SFHIP: San Francisco Health Improvement Partnership Work Groups

The SFHIP initiative was developed in 2010 by CTSI's Community Engagement and Health Policy program in collaboration with wide ranging community and civic partners. The effort was built on the underlying premise that by working together in a coordinated, focused, and well-informed manner, academic and community groups can achieve synergies and foster innovation to achieve substantial gains in community health and health equity. CTSI provided the infrastructure and support for planning and coordination of this phase of SFHIP, and will continue to support this effort through five existing Work Groups (see detailed information below).
By focusing on Collective Impact and cross-sector coordination, SF HIP is better positioned to achieve measurable improvements in health.
Kevin Grumbach, MD, Co-director of CTSI's CE&HP program
In June, 2013, CTSI and SFHIP combined its formative work into one aligned framework that includes two other community health improvement collaborators: San Francisco's non-profit hospitals and their Community Benefits Partnership (CBP) and Building a Healthier San Francisco (BHSF) projects; and the San Francisco Department of Public Health and its community health improvement process.
Motivated by a common vision, shared values, and community-identified health priorities, SFHIP seeks to employ the Collective Impact model drive community health improvement efforts in San Francisco. The road map for SFHIP is San Francisco's Community Health Improvement Plan (CHIP), the development process that has engaged nearly 700 community residents and local public health system partners. The CHIP identifies these shared health priorities in San Francisco:
  • Ensure Safe + Healthy Living Environments
  • Increase Healthy Eating + Physical Activity
  • Increase Access to High Quality Health Care + Services

The CHIP has also identified goals, objectives, measures, and strategies for each priority. Building on this foundation, SFHIP aims to "move the needle" on community health in the next three to five years, and future iterations of the CHIP will drive SFHIP going forward.

CTSI's ongoing support includes coordination of Work Groups focused on five disease areas:
  • Physical Activity & Nutrition (PAN)
  • Children's Oral Health
  • Alcohol Policy & Heavy Users of Multiple Services (HUMS)
  • Hepatitis B

Physical Activity and Nutrition (PAN)

Improving Health Outcomes Associated with Obesity-related Chronic Disease

  • As is true nationally, the obesity epidemic in San Francisco disproportionately affects communities of color and low-income populations.
  • SFHIP is aligned with national and local initiatives (First Lady’s Let’s Move campaign, San Francisco's ShapeUp SF campaign).
  • SFHIP-- along with the Southeast Food Access (SEFA) Food Guardians and a number of community-based organizational partners-- is partnering with the SF Department of Public Health (SFDPH), with support from Kaiser Permanente's Community Benefits program, on a Healthy Eating Active Living (HEAL) Zone initiative in the Bayview Hunters Point (BVHP) community of San Francisco.
  • SFHIP has played a strategic role in bridging scientific evidence on community-based and policy-level obesity prevention interventions with neighborhood stakeholders’ perspectives to systematically prioritize and evaluate local interventions.  Initial work has focused on the Bayview Hunters Point neighborhood, where some of the greatest obesity-related disease burdens exist in SF, and where there is a history of effective and powerful work being done to improve food access with leadership from SEFA.
  • Other SFHIP efforts on PAN have included:
    • grant investments in Bayview community-based efforts to innovate new approaches to increasing physical activity and healthy food access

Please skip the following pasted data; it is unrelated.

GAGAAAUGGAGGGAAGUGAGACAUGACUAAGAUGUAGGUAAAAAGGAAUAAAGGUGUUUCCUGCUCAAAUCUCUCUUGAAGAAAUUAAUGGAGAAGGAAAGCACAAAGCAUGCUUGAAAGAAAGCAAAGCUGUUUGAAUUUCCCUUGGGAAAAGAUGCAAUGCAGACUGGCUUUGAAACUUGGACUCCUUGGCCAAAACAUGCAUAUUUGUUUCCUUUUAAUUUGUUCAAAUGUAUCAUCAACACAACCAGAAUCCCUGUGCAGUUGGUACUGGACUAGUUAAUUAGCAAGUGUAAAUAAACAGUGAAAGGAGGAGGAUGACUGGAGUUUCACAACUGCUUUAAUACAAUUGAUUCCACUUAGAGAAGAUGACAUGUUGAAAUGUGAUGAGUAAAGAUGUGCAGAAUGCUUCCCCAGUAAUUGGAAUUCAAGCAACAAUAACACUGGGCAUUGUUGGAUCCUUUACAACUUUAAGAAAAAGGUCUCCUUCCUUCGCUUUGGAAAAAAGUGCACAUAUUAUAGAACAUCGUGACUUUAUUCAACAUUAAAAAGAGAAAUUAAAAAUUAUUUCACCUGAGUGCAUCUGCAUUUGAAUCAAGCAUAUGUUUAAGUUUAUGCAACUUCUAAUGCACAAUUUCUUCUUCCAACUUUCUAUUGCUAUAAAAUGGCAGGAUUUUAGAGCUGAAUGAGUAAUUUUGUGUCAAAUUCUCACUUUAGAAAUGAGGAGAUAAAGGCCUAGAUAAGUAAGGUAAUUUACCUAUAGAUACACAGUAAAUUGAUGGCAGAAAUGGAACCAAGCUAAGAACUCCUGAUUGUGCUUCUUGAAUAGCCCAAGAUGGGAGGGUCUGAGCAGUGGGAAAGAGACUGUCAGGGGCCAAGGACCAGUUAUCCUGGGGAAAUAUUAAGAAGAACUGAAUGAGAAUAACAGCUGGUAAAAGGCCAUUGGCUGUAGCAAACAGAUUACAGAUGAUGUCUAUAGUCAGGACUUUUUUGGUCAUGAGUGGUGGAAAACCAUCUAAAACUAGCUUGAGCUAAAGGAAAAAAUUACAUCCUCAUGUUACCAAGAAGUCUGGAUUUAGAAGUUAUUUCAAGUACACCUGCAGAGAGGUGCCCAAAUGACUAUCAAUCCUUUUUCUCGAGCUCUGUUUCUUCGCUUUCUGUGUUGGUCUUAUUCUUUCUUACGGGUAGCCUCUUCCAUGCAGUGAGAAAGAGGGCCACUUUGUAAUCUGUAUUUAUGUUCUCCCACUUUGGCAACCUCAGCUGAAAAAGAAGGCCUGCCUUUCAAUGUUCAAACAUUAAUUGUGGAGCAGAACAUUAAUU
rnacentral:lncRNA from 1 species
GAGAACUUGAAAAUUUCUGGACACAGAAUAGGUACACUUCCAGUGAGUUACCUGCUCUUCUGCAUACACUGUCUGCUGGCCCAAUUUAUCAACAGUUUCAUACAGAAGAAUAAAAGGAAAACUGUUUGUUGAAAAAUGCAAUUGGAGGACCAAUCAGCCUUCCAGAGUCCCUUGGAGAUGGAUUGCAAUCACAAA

• capacity-building for community partners in program planning and evaluation design, to increase evidence-based practice and improve capacity to measure program impact
    • providing technical and infrastructure assistance in the development of a community plan for improved transportation to help get BVHP residents to improve access to fresh foods and physical activity programs.  This plan was developed in partnership with the County Transportation Authority, BMagic, the HEAL Zone and others.

Sugar-sweetened Beverage (SSB) Consumption

As part of SFHIP efforts on PAN, UCSF researchers have met with local policymakers, SFDPH staff working to prevent obesity and community-based health advocates to discuss the development of regulatory measures that could help reduce consumption of SSBs. Research has shown SSBs to be a major contributor of obesity and diabetes, disproportionately impacting low-income, African American and Latino communities.

Breastfeeding Partnership Work

As part of a broader effort to reduce obesity-related disease disparities, early SFHIP efforts were made in support of SF breastfeeding promotion by:

  • helping to gather and analyze data on local breastfeeding initiation and duration
  • supporting the convening of a citywide coalition to address the needs of low-income women and increase adherence to workplace accommodation policy locally
  • supporting the convening of a citywide forum of local employers to educate on adherence policy, share best-practices, and recruit partners for future efforts

Partners included:

  • UCSF faculty, School of Medicine
  • SFDPH’s Maternal, Child and Adolescent Health (MCAH) section
  • San Francisco Breastfeeding (SFBF) Coalition

Partnership projects included:

  • development of an epidemiological profile of lactating women in SF for 2012
  • the strengthening of an SF Breastfeeding Coalition infrastructure via resources to support website development and coalition coordination
  • supporting local community-based partner Central American Resource Center of SF (CARECENSF) by partnering UCSF faculty and learners with CARECEN’s promotora program to provide evidence-based peer health education to Latinas of child-bearing age in SF.  Through this partnership, UCSF faculty and learners were able to share what they learned by investigating barriers and facilitators to support breastfeeding among Latina immigrant women at San Francisco General Hospital.  Additionally, CARECEN's promotoras are helping their peers learn about the health benefits of breastfeeding, while also teaching UCSF partners how to best communicate health information to immigrant Latina women in SF.

Questions? Contact Roberto Ariel Vargas, MPH, at rvargas@fcm.ucsf.edu.

Children's Oral Health